Like every other Vermont enterprise, Seven Days has scrapped, postponed or reinvented many of our perennial projects this year because of the pandemic. But we decided to go ahead with the Cartoon Issue.
It goes without saying that cartoons and print media are made for each other. Comic strips give newspaper readers a break from columns of text. They're visually interesting, creative, sometimes hilarious and often packed with pointed political commentary. We've always made room for them in our pages.
Vermont is also home to numerous talented cartoonists, including New Yorker artists Ed Koren and Harry Bliss and the inimitable Alison Bechdel. The Center for Cartoon Studies in White River Junction employs, attracts and trains many more.
Our writers always enjoy collaborating with these graphic artists. This year, though, they were especially eager for the opportunity to illustrate the present moment — strange, scary and uncertain as it is. The package includes work by the state's current cartoonist laureate, Rick Veitch.
Starting next week, we are adding a new cartoonist: Los Angeles-based Keith Knight. His smart and funny semiautobiographical strip "The K Chronicles," syndicated in papers across the country, will appear weekly in Seven Days — check out the sample on this page.
Knight has been commenting on police brutality in his comics for decades; in 2015 he collected 20 years of his work on the subject in a compilation called They Shoot Black People, Don't They?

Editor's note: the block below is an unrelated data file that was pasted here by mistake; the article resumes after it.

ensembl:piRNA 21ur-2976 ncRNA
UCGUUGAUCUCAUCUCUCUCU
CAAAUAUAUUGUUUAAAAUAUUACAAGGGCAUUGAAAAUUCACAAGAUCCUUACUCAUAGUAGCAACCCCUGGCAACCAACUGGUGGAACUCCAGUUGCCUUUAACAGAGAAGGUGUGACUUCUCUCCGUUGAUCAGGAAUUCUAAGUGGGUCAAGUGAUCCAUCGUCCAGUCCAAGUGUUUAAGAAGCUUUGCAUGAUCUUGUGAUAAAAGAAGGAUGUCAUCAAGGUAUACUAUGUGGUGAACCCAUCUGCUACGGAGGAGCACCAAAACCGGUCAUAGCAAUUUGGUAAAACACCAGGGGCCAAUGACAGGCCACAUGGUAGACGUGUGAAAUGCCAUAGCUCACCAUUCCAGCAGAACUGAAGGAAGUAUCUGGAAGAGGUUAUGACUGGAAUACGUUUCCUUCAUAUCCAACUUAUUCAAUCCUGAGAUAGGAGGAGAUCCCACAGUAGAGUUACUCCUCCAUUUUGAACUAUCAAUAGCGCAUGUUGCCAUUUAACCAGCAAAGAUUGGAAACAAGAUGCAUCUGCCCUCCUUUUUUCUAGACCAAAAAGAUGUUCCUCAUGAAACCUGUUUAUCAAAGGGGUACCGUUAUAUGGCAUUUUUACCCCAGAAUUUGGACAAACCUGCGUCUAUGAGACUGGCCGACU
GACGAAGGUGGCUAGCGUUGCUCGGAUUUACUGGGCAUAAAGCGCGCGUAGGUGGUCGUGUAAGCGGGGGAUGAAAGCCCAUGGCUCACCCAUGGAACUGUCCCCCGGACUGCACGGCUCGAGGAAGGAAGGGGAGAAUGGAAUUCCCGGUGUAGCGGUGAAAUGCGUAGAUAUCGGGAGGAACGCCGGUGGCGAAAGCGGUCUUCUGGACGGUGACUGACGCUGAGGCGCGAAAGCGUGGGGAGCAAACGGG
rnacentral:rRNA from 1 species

In June, the Black cartoonist spoke to comics news site SyFy Wire about "the importance of sequential art in the age of protest." Said Knight: "We need to tell our own stories because, if we don't, others will tell them for us ... and they'll suck. Comics are the cheapest and most effective ways to tell our stories. I just need a pen and a piece of paper. We need to hear not from the corporate mainstream media, but from the people on the ground. On the front lines."
Black Lives Matter protests across the country show: Art about race and racism is as much a part of this moment as COVID-19 case counts. Just last Saturday, yet another rally took place in Burlington.
These demonstrations are teachable moments for parents — a chance to talk openly with kids about race. Lots of locals are embracing this opportunity. That's why the editors of Kids VT made it a theme of the July issue, which is inserted in this week's Seven Days. Contributors interview experts who recommend anti-racist reading material and reflect on how they're addressing racism in Vermont. The cover shows a family helping to paint "Black Lives Matter" on the street in front of the Statehouse in Montpelier.
The issue also includes tips on staying active and safe during this precarious summer. Our Seven Days writers cover that, too.
We're grateful to be able to share — and process — this weird time with you.